## Differential forms-Algebraic point of view

If we start with an ${R^{n}}$ space with linear co-ordinates ${x_{1}..x_{n}}$, we can define ${\Omega^{*}}$ to be Algebra over ${R}$ generated by ${dx_{1}...dx_{n}}$ with the relations, $dx_{i} \wedge dx_{j} = -dx_{j} \wedge dx_{i}$ One can write ${dx_{i} \wedge dx_{j}}$ as ${dx_{i}dx_{j}}$

Since ${dx_{i}^{2}=dx_{i}dx_{i}=-dx_{i}dx_{i}}$, we can set ${dx_{i}^{2} =0}$

As a vector space over ${R}$, ${\Omega^{*}}$ has basis ${\{dx_{i}\}}$.

Now we define differential forms over ${R^{n}}$ as elements of the set, $\Omega^{*}(R^{n})= \{C^{\infty}\thinspace \text{functions on} \thinspace R^{n}\otimes\Omega^{*}\}$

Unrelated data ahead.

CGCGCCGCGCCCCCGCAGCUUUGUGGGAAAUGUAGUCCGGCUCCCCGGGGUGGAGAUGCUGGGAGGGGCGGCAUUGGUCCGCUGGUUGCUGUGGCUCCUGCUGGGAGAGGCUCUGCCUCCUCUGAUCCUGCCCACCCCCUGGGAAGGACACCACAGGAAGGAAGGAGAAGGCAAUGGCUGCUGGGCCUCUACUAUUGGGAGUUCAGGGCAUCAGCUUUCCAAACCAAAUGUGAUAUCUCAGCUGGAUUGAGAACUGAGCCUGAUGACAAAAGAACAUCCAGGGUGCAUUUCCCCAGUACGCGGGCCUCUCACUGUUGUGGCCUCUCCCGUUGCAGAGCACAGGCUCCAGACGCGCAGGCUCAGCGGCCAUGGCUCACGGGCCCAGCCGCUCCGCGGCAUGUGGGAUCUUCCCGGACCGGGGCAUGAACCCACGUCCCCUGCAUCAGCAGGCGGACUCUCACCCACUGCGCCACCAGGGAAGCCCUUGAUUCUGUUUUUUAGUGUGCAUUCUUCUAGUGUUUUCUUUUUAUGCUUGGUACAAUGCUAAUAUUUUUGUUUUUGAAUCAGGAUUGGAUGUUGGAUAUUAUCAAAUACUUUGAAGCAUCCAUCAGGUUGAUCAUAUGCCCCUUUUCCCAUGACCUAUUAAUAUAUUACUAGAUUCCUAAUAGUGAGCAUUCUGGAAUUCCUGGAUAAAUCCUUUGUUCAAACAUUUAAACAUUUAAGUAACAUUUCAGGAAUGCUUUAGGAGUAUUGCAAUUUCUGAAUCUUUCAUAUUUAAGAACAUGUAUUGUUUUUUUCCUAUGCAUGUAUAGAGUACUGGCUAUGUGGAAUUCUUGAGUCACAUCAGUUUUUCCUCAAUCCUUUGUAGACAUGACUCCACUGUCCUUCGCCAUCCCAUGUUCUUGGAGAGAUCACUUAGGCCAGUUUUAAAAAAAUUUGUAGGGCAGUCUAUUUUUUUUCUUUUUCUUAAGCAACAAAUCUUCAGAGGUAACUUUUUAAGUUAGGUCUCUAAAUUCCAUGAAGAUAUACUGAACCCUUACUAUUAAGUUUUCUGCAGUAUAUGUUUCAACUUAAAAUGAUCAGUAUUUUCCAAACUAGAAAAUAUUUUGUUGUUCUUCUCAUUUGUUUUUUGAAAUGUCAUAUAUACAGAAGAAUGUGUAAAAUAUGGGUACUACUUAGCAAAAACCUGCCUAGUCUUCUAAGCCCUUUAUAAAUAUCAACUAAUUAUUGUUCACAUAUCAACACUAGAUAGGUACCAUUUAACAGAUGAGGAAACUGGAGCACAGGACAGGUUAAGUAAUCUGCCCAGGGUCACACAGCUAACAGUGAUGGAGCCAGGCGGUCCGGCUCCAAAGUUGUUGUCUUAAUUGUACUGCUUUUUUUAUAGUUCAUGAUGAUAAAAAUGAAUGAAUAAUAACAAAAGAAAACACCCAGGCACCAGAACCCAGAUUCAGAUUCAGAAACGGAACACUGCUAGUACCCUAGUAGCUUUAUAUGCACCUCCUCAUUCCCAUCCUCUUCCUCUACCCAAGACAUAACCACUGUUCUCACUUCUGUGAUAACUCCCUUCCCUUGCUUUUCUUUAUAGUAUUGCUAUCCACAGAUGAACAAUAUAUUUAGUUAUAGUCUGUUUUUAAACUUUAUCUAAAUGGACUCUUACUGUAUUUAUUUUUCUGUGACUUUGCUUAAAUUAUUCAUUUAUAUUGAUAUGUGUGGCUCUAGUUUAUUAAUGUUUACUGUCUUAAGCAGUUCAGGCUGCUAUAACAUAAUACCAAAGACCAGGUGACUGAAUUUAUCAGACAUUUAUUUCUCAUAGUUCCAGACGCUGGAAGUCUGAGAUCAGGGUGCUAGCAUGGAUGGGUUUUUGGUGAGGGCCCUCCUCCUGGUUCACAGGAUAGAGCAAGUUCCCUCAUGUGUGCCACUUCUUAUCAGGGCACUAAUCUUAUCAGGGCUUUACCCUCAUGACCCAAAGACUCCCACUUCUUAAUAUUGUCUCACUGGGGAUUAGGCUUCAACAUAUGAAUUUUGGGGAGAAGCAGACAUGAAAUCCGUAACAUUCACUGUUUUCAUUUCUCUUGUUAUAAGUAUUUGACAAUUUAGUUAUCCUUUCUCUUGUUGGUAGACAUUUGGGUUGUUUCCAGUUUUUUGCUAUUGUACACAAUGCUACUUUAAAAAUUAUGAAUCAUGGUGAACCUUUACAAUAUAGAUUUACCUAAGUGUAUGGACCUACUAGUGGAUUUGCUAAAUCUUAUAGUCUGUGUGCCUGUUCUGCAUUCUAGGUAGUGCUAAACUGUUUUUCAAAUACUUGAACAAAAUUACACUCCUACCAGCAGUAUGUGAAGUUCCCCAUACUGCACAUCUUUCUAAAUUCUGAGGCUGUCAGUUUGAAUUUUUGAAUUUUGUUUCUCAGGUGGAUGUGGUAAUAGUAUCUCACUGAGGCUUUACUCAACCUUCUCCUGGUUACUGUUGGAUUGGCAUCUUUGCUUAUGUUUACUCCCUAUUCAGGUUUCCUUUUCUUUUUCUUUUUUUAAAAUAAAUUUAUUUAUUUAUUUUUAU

Example:

A zero form is considered as a scalar function. In ${R^{3}}$, $\omega_{0}=f(x,y,z)$

Whereas one form is written as $\omega_{1}=f_{x}(x,y,x)dx+f_{y}(x,y,x)dy+f_{z}(x,y,x)dz$

Note for one form we simply append ${dx_{i}}$.

Similarly for two forms, we append ${dx_{i}\wedge dx_{j}}$.

$\omega_{2}=f_{xy}(x,y,x)dx\wedge dy+f_{yz}(x,y,x)dy\wedge dz+f_{zx}(x,y,x)dz \wedge dx$

Three form is given below

$\omega_{3}=f_{xyz}(x,y,z)dx \wedge dy \wedge dz$